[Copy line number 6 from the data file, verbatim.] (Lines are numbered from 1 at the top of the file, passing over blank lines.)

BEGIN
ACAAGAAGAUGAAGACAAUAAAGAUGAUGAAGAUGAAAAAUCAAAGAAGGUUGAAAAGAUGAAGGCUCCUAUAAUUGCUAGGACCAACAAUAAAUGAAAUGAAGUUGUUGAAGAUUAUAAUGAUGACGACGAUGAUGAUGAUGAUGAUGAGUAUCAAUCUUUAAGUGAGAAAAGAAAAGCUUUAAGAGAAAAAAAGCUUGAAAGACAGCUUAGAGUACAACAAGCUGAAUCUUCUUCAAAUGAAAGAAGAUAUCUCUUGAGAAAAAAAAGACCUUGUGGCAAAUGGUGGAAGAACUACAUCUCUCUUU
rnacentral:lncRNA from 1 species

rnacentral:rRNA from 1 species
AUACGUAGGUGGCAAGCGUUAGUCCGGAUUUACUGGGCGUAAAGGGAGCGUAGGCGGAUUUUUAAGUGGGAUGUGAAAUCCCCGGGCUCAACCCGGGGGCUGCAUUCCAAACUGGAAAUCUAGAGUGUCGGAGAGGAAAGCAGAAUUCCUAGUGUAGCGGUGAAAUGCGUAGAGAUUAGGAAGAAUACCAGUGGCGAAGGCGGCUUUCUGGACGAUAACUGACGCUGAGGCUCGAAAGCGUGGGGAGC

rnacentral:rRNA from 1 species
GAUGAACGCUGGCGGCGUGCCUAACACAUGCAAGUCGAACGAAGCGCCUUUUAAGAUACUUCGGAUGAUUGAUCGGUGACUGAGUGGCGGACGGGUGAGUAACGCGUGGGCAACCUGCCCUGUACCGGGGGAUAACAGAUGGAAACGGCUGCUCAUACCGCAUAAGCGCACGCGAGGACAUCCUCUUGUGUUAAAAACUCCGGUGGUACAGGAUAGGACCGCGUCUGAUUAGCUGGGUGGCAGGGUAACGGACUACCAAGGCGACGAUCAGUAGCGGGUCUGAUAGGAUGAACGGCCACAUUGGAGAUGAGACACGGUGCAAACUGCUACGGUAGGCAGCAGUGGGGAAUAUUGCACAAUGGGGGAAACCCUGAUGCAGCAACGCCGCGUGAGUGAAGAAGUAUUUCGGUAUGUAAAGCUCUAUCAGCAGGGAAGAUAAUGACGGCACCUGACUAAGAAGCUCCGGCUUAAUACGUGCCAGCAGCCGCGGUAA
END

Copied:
GAUGAACGCUGGCGGCGUGCCUAACACAUGCAAGUCGAACGAAGCGCCUUUUAAGAUACUUCGGAUGAUUGAUCGGUGACUGAGUGGCGGACGGGUGAGUAACGCGUGGGCAACCUGCCCUGUACCGGGGGAUAACAGAUGGAAACGGCUGCUCAUACCGCAUAAGCGCACGCGAGGACAUCCUCUUGUGUUAAAAACUCCGGUGGUACAGGAUAGGACCGCGUCUGAUUAGCUGGGUGGCAGGGUAACGGACUACCAAGGCGACGAUCAGUAGCGGGUCUGAUAGGAUGAACGGCCACAUUGGAGAUGAGACACGGUGCAAACUGCUACGGUAGGCAGCAGUGGGGAAUAUUGCACAAUGGGGGAAACCCUGAUGCAGCAACGCCGCGUGAGUGAAGAAGUAUUUCGGUAUGUAAAGCUCUAUCAGCAGGGAAGAUAAUGACGGCACCUGACUAAGAAGCUCCGGCUUAAUACGUGCCAGCAGCCGCGGUAA